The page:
Career Advice Tuesday – “Managing Multiple Offers”
June 1, 2010
I am in the process of changing positions and I have been simultaneously involved in multiple interview processes. The three opportunities are quite different – two are quite similar, while the third one would be a bit of a stretch for my current skills.
Here is where I need your help – the interview processes are at different stages and I am trying to manage them to the best of my ability, without turning any of them off. One of the companies informed me that they are going to make me an offer next week, one of the other companies (the similar one) the interview process will take 2 additional weeks, as I still have to meet with others, and the third opportunity (the stretch) may take 6 weeks to finish.
Can you give me any advice on how I should handle this?
“Info Sec Pro In Demand”
Dear “In Demand”:
While it is nice to be “In Demand”, I think that you have to take a good look at your situation and figure out how “In Demand” you truly are. Let me explain.
The way that I interpret your situation is that you have one solid opportunity that is going to make you an offer, one that is still vetting your talents, and the other that is most likely not to come to fruition. Keep in mind, just as you are looking at other opportunities, the employers are looking at other information security professionals that most likely have similar skills and credentials. Granted, they may all materialize, right now you only have one firm commitment – and that should be your focus.
The first thing that I would do would be to evaluate if the offer that you have coming this week . I would ask myself he following questions: is the opportunity that is better than your current position, is the opportunity will enhance your career, is the compensation is fair, and is the company is a place where you would like to work. If the answer to all of those questions are “Yes”, then I believe that you should express your interest in earnest, and get the offer in your possession.
When you are speaking with the company, you should feel comfortable enough to let them know that you are actively interviewing, this may or may not have an effect on the aggressiveness of the financial terms of the offer. If you do let them know that you are looking, you should be prepared for the following questions:
1) Is there a certain amount where you will discontinue all other interview processes? If you do get asked this question – you should be prepared to have a reasonable number to share with the employer.
2) When are you planning to make a decision? This is a key question. How you answer it may either result in the company delaying their offer to you (and continue interviewing other candidates) or they may send you the offer and provide you with additional time to make your decision. You should be prepared for either result – but understand that there may be consequences if you delay – (remember this is the only company that has expressed that they would like to make you a commitment).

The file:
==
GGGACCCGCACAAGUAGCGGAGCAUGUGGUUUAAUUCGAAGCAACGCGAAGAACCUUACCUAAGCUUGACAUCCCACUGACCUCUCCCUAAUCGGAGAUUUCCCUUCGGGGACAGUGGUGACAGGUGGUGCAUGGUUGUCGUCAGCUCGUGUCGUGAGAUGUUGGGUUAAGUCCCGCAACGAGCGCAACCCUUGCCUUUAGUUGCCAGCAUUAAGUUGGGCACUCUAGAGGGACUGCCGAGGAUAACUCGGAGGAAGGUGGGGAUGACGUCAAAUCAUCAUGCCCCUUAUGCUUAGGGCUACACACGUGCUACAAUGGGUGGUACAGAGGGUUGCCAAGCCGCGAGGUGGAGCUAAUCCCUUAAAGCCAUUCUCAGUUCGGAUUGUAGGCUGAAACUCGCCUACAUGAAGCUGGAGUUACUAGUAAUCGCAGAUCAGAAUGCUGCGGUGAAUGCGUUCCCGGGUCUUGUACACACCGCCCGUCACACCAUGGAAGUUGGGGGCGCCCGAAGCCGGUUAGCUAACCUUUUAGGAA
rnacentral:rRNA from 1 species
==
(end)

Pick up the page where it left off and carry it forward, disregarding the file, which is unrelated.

As it relates to your other suitors, I think that it is up to you to inform the other parties about your new accelerated time table for decision making and ask them to make adjustments to their interview processes. If they are willing to do so, chances are they believe that you are a leading candidate and they do not want to lose the chance of employing you. However, if they drag their feet – and do not make an attempt to expedite their process, there inactivity is telling you something about either their perception of your skills or how they view the urgency of recruiting talent.
Please keep in mind – you should separate lack of desire and lack of possibility (i.e. decision makers on vacation). Sometimes no matter the intent, accelerating a recruitment process is just not possible due to external factors.
You can also take this opportunity to let these other suitors know the details of your offer from the original company. For example, if your current offer (from the first suitor) is greater than the others have allocated for their positions, they may share tell you that they can not match the terms and encourage you to accept the other one.
In closing, I would advise you to prioritize the opportunities. It appears that two of the offers are similar- so I would try to see if I could rank them. If they turn out to be basically even, I would go with the one that has made you a commitment, and thank the other one for their time and interest.
Also, while it would always be advantageous to have the details of as many offers as possible, sometimes it is just not practical. I would never advise anyone to jeopardize a solid opportunity for one that may not materialize.
Remember the old adage .. ” A Bird in the Hand is Worth Two in the Bush”. This applies to information security careers as well.
Hope this helps,
Lee and Mike